First look inside the Venice Biennale's British Pavilion
The AJ can reveal the first pictures from inside FAT and Crimson Architectural Historians’ British Pavilion at the Venice Biennale
The long-awaited contents of the exhibition entitled, A Clockwork Jerusalem, have now been revealed ahead of its official opening to the public on Friday (6 June).
Responding to Rem Koolhaas’ theme for the Biennale of Absorbing Modernity, the exhibition explores the origins, projects and experience of British modernity, the culture that post-war architecture and planning emerged from, and the worlds that it created.
The exhibition argues that today’s planning challenges should be tackled with ‘the same imagination and ambition that has long characterised Britain’s attempts to build its New Jerusalems’.
Visitors to the British Pavilion are greeted by a pair of concrete cows on loan from Milton Keynes. The cows were originally produced by the artist Liz Leyh shortly after the post-war town was created in the late-seventies.
The main room features a 7-metre diameter earth mound and a panoramic image telling the story of British modernism. The mound has been conceived to symbolise the both the beginning and the end of modernism – from construction to demolition.
Vicky Richardson, director of architecture, design, and fashion at the British Council, which commissioned the British Pavilion, said: ‘A Clockwork Jerusalem is a witty and insightful exhibition that we hope will provoke debate about British architecture.
‘The exhibition uses images and language brilliantly to link a series of complex issues that we hope will lead to a new debate about the UK’s plans for housing and New Towns.’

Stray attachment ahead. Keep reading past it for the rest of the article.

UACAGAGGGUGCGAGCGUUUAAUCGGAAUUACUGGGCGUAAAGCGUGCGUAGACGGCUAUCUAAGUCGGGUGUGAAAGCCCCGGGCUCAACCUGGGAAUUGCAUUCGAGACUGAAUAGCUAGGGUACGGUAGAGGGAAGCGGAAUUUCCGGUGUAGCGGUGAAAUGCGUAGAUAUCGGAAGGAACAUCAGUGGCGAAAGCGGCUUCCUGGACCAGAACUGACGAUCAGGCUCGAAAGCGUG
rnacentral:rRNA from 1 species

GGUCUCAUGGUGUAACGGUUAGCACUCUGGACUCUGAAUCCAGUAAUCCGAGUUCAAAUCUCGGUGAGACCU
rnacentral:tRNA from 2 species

Curator Sam Jacob of FAT Architecture added: ‘A Clockwork Jerusalem describes a world where ruins become utopias, where archaeology and futurism merge, the Picturesque is reimagined as concrete geometry, and where pop culture, history and social ambition are fused into new national futures.
‘It argues for a rebooting of the British tradition of visionary planning that created places as diverse as Cumbernauld and Milton Keynes, proposing that these visions – Ebenezer Howard’s Garden City equation; the anarcho-liberal ‘experiment in freedom’ of Non-Plan; and the sustainability represented by Clifford Harper’s Radical Technology – are not only history but suggestions of possible 21st Century New Jerusalems.
‘As one of FAT Architecture’s final projects, curating this exhibition at the Biennale Architettura 2014 for the British Council brings the opportunity to suggest how the history and culture of British architecture might give new direction to the future, and is a fitting conclusion to the FAT project.’
The British Pavilion at the Venice Biennale is open to the public until 23 November 2014.
See all the AJ’s Venice Biennale coverage, including interviews with curators of the Irish Pavilion Gary Boyd and John McLaughlin, a history of the Biennale through the years, and Jay Merrick on Rem Koolhaas.